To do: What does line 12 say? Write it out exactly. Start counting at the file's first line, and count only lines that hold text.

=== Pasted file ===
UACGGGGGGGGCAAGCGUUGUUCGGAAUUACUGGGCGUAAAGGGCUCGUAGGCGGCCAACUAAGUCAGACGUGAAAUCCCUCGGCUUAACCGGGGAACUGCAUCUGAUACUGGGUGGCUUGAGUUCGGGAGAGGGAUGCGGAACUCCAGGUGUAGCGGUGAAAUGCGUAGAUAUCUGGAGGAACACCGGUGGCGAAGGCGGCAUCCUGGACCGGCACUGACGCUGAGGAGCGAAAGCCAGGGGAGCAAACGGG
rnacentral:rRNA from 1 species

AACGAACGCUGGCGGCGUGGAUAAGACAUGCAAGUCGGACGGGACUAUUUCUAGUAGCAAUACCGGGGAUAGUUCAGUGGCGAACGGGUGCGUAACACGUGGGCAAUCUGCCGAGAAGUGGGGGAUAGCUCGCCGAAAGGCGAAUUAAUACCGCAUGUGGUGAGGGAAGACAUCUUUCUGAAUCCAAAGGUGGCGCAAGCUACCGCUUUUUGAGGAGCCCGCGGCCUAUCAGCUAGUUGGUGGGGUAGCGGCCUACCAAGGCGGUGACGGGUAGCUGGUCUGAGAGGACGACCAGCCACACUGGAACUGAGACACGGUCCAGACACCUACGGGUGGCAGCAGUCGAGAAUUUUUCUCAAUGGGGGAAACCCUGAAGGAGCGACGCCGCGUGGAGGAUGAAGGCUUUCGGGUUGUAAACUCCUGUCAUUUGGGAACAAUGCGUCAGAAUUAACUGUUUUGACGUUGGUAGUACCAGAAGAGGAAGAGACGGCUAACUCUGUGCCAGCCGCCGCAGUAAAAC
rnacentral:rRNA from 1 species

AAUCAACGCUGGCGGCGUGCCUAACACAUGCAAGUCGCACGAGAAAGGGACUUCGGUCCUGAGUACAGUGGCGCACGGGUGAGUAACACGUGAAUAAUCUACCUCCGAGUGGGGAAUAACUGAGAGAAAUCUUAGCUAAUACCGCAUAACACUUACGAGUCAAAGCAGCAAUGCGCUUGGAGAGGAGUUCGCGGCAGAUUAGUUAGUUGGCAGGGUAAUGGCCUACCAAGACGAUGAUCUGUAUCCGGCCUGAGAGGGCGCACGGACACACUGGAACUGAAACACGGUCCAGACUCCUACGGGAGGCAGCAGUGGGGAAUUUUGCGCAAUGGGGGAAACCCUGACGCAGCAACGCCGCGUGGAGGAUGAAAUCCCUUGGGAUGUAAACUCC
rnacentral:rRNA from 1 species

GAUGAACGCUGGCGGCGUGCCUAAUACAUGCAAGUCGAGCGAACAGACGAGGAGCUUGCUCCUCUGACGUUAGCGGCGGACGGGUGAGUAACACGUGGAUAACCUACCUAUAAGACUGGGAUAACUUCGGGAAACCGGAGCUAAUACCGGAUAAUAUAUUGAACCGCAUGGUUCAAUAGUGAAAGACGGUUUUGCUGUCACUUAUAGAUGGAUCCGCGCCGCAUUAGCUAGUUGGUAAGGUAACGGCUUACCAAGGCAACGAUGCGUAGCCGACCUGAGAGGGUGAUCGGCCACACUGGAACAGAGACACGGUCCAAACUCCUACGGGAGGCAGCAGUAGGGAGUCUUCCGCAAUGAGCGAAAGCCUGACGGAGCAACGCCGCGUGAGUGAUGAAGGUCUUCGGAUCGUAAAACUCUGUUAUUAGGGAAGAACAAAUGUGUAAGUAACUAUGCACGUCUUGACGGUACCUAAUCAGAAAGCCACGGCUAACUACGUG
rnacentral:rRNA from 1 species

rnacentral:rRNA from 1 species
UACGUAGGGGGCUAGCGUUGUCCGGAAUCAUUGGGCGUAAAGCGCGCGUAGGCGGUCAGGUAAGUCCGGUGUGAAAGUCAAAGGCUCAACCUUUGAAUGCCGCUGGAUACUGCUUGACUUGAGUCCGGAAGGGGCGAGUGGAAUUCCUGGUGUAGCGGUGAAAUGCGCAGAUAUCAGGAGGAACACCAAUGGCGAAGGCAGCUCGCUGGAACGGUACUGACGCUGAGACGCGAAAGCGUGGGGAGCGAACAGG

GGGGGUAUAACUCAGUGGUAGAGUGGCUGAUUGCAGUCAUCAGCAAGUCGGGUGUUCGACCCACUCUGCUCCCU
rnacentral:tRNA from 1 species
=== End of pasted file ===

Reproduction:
rnacentral:tRNA from 1 species